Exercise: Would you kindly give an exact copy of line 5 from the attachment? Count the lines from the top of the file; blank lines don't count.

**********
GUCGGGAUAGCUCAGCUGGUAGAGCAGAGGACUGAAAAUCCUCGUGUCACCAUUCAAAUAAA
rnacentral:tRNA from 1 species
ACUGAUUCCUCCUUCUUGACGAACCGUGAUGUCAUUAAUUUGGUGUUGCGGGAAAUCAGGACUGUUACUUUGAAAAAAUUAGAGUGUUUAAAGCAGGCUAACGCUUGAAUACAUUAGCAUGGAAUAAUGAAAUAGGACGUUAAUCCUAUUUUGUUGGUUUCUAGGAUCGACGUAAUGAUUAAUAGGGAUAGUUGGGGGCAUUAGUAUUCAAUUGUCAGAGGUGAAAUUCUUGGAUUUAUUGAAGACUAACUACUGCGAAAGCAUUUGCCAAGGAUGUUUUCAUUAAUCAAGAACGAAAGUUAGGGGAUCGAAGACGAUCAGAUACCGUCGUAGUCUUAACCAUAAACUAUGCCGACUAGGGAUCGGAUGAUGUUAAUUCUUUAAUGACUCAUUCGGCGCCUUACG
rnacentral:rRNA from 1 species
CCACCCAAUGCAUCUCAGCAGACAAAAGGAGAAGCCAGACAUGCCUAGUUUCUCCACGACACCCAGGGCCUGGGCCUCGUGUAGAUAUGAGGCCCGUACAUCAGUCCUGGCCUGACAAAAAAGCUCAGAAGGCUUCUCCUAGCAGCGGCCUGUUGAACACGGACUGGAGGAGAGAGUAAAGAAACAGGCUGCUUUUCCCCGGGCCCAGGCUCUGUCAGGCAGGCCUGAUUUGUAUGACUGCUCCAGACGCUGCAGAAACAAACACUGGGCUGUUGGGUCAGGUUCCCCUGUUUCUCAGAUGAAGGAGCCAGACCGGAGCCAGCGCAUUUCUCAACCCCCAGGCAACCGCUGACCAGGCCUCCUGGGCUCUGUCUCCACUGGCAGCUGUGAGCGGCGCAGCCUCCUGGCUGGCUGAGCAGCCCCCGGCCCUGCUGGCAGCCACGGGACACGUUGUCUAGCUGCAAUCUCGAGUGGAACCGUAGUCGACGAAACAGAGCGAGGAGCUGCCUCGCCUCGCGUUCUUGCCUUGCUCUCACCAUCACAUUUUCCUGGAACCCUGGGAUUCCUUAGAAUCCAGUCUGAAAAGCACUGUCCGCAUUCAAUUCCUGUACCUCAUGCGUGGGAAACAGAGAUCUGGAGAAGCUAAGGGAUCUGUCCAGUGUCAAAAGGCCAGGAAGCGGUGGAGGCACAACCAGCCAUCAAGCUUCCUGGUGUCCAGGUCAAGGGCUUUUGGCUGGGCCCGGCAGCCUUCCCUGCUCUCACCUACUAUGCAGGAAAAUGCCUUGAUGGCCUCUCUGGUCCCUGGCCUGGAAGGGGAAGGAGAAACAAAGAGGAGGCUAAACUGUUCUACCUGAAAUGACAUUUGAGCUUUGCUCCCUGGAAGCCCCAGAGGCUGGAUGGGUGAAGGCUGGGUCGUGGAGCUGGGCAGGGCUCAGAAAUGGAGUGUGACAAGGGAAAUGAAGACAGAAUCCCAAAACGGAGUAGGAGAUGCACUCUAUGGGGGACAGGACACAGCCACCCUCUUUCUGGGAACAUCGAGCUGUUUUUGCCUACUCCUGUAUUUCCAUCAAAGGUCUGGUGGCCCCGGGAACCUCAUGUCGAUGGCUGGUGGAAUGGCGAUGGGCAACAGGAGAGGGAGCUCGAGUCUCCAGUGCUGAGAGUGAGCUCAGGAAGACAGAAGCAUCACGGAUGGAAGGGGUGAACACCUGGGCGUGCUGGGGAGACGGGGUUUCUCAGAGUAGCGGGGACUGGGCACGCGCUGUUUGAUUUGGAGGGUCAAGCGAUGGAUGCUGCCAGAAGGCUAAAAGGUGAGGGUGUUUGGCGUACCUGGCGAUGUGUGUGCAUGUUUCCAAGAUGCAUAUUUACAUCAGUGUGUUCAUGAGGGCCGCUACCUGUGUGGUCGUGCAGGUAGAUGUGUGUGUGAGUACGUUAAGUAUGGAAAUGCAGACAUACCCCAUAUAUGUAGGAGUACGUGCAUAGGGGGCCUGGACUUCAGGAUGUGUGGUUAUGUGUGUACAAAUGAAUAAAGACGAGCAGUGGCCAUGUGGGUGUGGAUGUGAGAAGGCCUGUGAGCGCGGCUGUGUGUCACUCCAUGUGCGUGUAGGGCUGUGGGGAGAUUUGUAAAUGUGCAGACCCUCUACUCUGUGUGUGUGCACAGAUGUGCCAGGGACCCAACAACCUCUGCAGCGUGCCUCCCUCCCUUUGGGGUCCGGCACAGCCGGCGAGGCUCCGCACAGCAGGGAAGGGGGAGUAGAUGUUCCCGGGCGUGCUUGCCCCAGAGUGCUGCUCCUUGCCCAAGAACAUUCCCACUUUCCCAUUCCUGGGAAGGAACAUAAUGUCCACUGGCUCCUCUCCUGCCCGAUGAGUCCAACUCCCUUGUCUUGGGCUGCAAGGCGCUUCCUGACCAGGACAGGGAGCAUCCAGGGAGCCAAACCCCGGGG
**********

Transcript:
CCACCCAAUGCAUCUCAGCAGACAAAAGGAGAAGCCAGACAUGCCUAGUUUCUCCACGACACCCAGGGCCUGGGCCUCGUGUAGAUAUGAGGCCCGUACAUCAGUCCUGGCCUGACAAAAAAGCUCAGAAGGCUUCUCCUAGCAGCGGCCUGUUGAACACGGACUGGAGGAGAGAGUAAAGAAACAGGCUGCUUUUCCCCGGGCCCAGGCUCUGUCAGGCAGGCCUGAUUUGUAUGACUGCUCCAGACGCUGCAGAAACAAACACUGGGCUGUUGGGUCAGGUUCCCCUGUUUCUCAGAUGAAGGAGCCAGACCGGAGCCAGCGCAUUUCUCAACCCCCAGGCAACCGCUGACCAGGCCUCCUGGGCUCUGUCUCCACUGGCAGCUGUGAGCGGCGCAGCCUCCUGGCUGGCUGAGCAGCCCCCGGCCCUGCUGGCAGCCACGGGACACGUUGUCUAGCUGCAAUCUCGAGUGGAACCGUAGUCGACGAAACAGAGCGAGGAGCUGCCUCGCCUCGCGUUCUUGCCUUGCUCUCACCAUCACAUUUUCCUGGAACCCUGGGAUUCCUUAGAAUCCAGUCUGAAAAGCACUGUCCGCAUUCAAUUCCUGUACCUCAUGCGUGGGAAACAGAGAUCUGGAGAAGCUAAGGGAUCUGUCCAGUGUCAAAAGGCCAGGAAGCGGUGGAGGCACAACCAGCCAUCAAGCUUCCUGGUGUCCAGGUCAAGGGCUUUUGGCUGGGCCCGGCAGCCUUCCCUGCUCUCACCUACUAUGCAGGAAAAUGCCUUGAUGGCCUCUCUGGUCCCUGGCCUGGAAGGGGAAGGAGAAACAAAGAGGAGGCUAAACUGUUCUACCUGAAAUGACAUUUGAGCUUUGCUCCCUGGAAGCCCCAGAGGCUGGAUGGGUGAAGGCUGGGUCGUGGAGCUGGGCAGGGCUCAGAAAUGGAGUGUGACAAGGGAAAUGAAGACAGAAUCCCAAAACGGAGUAGGAGAUGCACUCUAUGGGGGACAGGACACAGCCACCCUCUUUCUGGGAACAUCGAGCUGUUUUUGCCUACUCCUGUAUUUCCAUCAAAGGUCUGGUGGCCCCGGGAACCUCAUGUCGAUGGCUGGUGGAAUGGCGAUGGGCAACAGGAGAGGGAGCUCGAGUCUCCAGUGCUGAGAGUGAGCUCAGGAAGACAGAAGCAUCACGGAUGGAAGGGGUGAACACCUGGGCGUGCUGGGGAGACGGGGUUUCUCAGAGUAGCGGGGACUGGGCACGCGCUGUUUGAUUUGGAGGGUCAAGCGAUGGAUGCUGCCAGAAGGCUAAAAGGUGAGGGUGUUUGGCGUACCUGGCGAUGUGUGUGCAUGUUUCCAAGAUGCAUAUUUACAUCAGUGUGUUCAUGAGGGCCGCUACCUGUGUGGUCGUGCAGGUAGAUGUGUGUGUGAGUACGUUAAGUAUGGAAAUGCAGACAUACCCCAUAUAUGUAGGAGUACGUGCAUAGGGGGCCUGGACUUCAGGAUGUGUGGUUAUGUGUGUACAAAUGAAUAAAGACGAGCAGUGGCCAUGUGGGUGUGGAUGUGAGAAGGCCUGUGAGCGCGGCUGUGUGUCACUCCAUGUGCGUGUAGGGCUGUGGGGAGAUUUGUAAAUGUGCAGACCCUCUACUCUGUGUGUGUGCACAGAUGUGCCAGGGACCCAACAACCUCUGCAGCGUGCCUCCCUCCCUUUGGGGUCCGGCACAGCCGGCGAGGCUCCGCACAGCAGGGAAGGGGGAGUAGAUGUUCCCGGGCGUGCUUGCCCCAGAGUGCUGCUCCUUGCCCAAGAACAUUCCCACUUUCCCAUUCCUGGGAAGGAACAUAAUGUCCACUGGCUCCUCUCCUGCCCGAUGAGUCCAACUCCCUUGUCUUGGGCUGCAAGGCGCUUCCUGACCAGGACAGGGAGCAUCCAGGGAGCCAAACCCCGGGG